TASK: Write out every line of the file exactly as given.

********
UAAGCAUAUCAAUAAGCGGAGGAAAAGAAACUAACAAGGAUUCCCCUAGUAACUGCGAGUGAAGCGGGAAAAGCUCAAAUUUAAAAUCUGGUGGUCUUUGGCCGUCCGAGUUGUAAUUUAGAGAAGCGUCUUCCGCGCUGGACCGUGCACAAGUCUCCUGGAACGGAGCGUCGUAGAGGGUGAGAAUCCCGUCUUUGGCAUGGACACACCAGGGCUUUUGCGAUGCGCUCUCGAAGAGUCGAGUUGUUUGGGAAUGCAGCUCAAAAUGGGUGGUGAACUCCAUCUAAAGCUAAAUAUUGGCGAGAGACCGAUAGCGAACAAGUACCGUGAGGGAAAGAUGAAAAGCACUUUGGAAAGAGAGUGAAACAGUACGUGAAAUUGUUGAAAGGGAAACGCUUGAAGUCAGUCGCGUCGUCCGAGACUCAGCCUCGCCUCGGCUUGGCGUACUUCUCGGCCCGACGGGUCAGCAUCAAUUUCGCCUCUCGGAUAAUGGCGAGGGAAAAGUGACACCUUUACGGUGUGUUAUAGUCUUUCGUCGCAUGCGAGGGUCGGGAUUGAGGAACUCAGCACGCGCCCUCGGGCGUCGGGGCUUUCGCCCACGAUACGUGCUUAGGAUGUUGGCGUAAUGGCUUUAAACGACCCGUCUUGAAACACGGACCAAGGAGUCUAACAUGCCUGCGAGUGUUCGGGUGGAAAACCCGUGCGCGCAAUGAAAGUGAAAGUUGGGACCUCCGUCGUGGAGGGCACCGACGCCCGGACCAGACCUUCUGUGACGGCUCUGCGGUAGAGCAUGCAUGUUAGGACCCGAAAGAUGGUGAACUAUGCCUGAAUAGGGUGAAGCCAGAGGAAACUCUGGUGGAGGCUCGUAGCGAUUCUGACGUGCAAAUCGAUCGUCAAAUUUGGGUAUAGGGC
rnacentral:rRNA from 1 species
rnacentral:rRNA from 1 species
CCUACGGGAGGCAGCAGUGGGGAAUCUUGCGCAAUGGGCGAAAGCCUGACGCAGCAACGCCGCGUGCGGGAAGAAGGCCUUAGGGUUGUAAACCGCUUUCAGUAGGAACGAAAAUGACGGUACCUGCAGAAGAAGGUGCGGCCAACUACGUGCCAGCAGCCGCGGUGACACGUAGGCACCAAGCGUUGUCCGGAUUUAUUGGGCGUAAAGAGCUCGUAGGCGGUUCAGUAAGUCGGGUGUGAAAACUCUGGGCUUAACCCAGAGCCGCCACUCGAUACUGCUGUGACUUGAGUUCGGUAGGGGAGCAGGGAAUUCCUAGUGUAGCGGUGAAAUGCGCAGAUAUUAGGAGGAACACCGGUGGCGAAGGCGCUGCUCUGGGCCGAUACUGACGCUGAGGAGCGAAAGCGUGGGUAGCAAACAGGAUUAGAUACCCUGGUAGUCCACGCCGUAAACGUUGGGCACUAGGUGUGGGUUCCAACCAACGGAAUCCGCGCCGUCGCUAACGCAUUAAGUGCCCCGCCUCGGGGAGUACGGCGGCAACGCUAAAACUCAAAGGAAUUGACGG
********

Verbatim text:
UAAGCAUAUCAAUAAGCGGAGGAAAAGAAACUAACAAGGAUUCCCCUAGUAACUGCGAGUGAAGCGGGAAAAGCUCAAAUUUAAAAUCUGGUGGUCUUUGGCCGUCCGAGUUGUAAUUUAGAGAAGCGUCUUCCGCGCUGGACCGUGCACAAGUCUCCUGGAACGGAGCGUCGUAGAGGGUGAGAAUCCCGUCUUUGGCAUGGACACACCAGGGCUUUUGCGAUGCGCUCUCGAAGAGUCGAGUUGUUUGGGAAUGCAGCUCAAAAUGGGUGGUGAACUCCAUCUAAAGCUAAAUAUUGGCGAGAGACCGAUAGCGAACAAGUACCGUGAGGGAAAGAUGAAAAGCACUUUGGAAAGAGAGUGAAACAGUACGUGAAAUUGUUGAAAGGGAAACGCUUGAAGUCAGUCGCGUCGUCCGAGACUCAGCCUCGCCUCGGCUUGGCGUACUUCUCGGCCCGACGGGUCAGCAUCAAUUUCGCCUCUCGGAUAAUGGCGAGGGAAAAGUGACACCUUUACGGUGUGUUAUAGUCUUUCGUCGCAUGCGAGGGUCGGGAUUGAGGAACUCAGCACGCGCCCUCGGGCGUCGGGGCUUUCGCCCACGAUACGUGCUUAGGAUGUUGGCGUAAUGGCUUUAAACGACCCGUCUUGAAACACGGACCAAGGAGUCUAACAUGCCUGCGAGUGUUCGGGUGGAAAACCCGUGCGCGCAAUGAAAGUGAAAGUUGGGACCUCCGUCGUGGAGGGCACCGACGCCCGGACCAGACCUUCUGUGACGGCUCUGCGGUAGAGCAUGCAUGUUAGGACCCGAAAGAUGGUGAACUAUGCCUGAAUAGGGUGAAGCCAGAGGAAACUCUGGUGGAGGCUCGUAGCGAUUCUGACGUGCAAAUCGAUCGUCAAAUUUGGGUAUAGGGC
rnacentral:rRNA from 1 species
rnacentral:rRNA from 1 species
CCUACGGGAGGCAGCAGUGGGGAAUCUUGCGCAAUGGGCGAAAGCCUGACGCAGCAACGCCGCGUGCGGGAAGAAGGCCUUAGGGUUGUAAACCGCUUUCAGUAGGAACGAAAAUGACGGUACCUGCAGAAGAAGGUGCGGCCAACUACGUGCCAGCAGCCGCGGUGACACGUAGGCACCAAGCGUUGUCCGGAUUUAUUGGGCGUAAAGAGCUCGUAGGCGGUUCAGUAAGUCGGGUGUGAAAACUCUGGGCUUAACCCAGAGCCGCCACUCGAUACUGCUGUGACUUGAGUUCGGUAGGGGAGCAGGGAAUUCCUAGUGUAGCGGUGAAAUGCGCAGAUAUUAGGAGGAACACCGGUGGCGAAGGCGCUGCUCUGGGCCGAUACUGACGCUGAGGAGCGAAAGCGUGGGUAGCAAACAGGAUUAGAUACCCUGGUAGUCCACGCCGUAAACGUUGGGCACUAGGUGUGGGUUCCAACCAACGGAAUCCGCGCCGUCGCUAACGCAUUAAGUGCCCCGCCUCGGGGAGUACGGCGGCAACGCUAAAACUCAAAGGAAUUGACGG